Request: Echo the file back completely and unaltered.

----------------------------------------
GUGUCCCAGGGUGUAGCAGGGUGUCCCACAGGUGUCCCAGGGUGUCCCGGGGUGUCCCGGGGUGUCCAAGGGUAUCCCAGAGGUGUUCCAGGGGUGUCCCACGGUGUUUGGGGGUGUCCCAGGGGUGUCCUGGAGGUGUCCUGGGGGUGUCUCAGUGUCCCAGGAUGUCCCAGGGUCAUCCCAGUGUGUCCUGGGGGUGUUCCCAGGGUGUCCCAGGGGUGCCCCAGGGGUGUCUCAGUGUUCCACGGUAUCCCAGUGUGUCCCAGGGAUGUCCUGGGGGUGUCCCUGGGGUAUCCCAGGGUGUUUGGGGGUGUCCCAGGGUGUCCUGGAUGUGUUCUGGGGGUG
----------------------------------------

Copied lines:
GUGUCCCAGGGUGUAGCAGGGUGUCCCACAGGUGUCCCAGGGUGUCCCGGGGUGUCCCGGGGUGUCCAAGGGUAUCCCAGAGGUGUUCCAGGGGUGUCCCACGGUGUUUGGGGGUGUCCCAGGGGUGUCCUGGAGGUGUCCUGGGGGUGUCUCAGUGUCCCAGGAUGUCCCAGGGUCAUCCCAGUGUGUCCUGGGGGUGUUCCCAGGGUGUCCCAGGGGUGCCCCAGGGGUGUCUCAGUGUUCCACGGUAUCCCAGUGUGUCCCAGGGAUGUCCUGGGGGUGUCCCUGGGGUAUCCCAGGGUGUUUGGGGGUGUCCCAGGGUGUCCUGGAUGUGUUCUGGGGGUG